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Southern Gulf of Mexico
Vásquez, F.; Rangel, R.; Quintero-Marmol, A.M.; Fernández, J.; Aguayo, E.; Palacio, A.; Sharma, V.K. (2000). Southern Gulf of Mexico, in: Sheppard, C.R.C. (Ed.) Seas at the millennium: an environmental evaluation: 1. Regional chapters: Europe, The Americas and West Africa. pp. 467-482
In: Sheppard, C.R.C. (Ed.) (2000). Seas at the millennium: an environmental evaluation: 1. Regional chapters: Europe, The Americas and West Africa. Pergamon: Amsterdam. ISBN 0-08-043207-7. XXI, 934 pp., more

Available in  Authors 
Document type: Review

Keyword
    Marine

Authors  Top 
  • Vásquez, F.
  • Rangel, R.
  • Quintero-Marmol, A.M.
  • Fernández, J.
  • Aguayo, E.
  • Palacio, A.
  • Sharma, V.K.

Abstract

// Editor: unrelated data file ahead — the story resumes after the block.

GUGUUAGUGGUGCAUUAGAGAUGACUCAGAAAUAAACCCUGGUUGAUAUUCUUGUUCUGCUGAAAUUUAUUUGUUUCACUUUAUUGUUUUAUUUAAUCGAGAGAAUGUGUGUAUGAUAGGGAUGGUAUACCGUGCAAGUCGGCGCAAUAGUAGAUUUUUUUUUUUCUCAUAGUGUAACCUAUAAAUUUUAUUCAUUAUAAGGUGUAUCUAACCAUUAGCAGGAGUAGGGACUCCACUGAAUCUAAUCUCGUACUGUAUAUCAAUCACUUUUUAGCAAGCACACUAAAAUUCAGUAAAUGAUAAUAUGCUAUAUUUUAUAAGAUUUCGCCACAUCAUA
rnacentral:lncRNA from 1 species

The southern, Mexican, coast of the Gulf of Mexico supports fishing, extensive cattle ranching, crop production, and industrial and oil production activities. Along the Mexican coast there are several different ecological regions. There are semi-arid, dry and humid coastal plains and hills (north west plain of the Yucatan Peninsula), large and mostly brackish lagoons (Madre, Tamiahua, Alvarado, Terminos) and several rivers (Grande, Panuco, Coatzacoalcos, Grijalva-Usumacinta). Along this long coastline there are extreme wet and dry climates. In September and October hurricanes occur, several in the past being very damaging. North winds blow from September to March when the temperature decreases to about 6°C, and this carries rain to most of the Gulf coast. There are extensive mangrove areas and a few areas of offshore coral reefs in the Gulf (Lobos in Tamaulipas State; Isla Verde in Veracruz State; Cayo Arcas in Campeche Sound). Wetland and marsh areas are also extensive, especially around the coastal lagoons and estuaries, while extensive seagrass beds occur off the coast. For many groups of organisms, including mammals and birds, the region has a high biodiversity. However, development pressures have resulted in several problems. The activities of the extensive livestock industry which requires large areas of pasture has resulted in extensive deforestation along the Gulf coast with consequent problems of run-off. Rivers carry sediment, metals and pesticides into the Gulf waters, and over-fishing is evident for several species and in several areas of this coast. The addition of fecal coliforms to rivers, lagoons and seawater is also a great problem. New government initiatives are being developed which aim to tackle the problems of sustainable development in a region which has inadequate financial resources.

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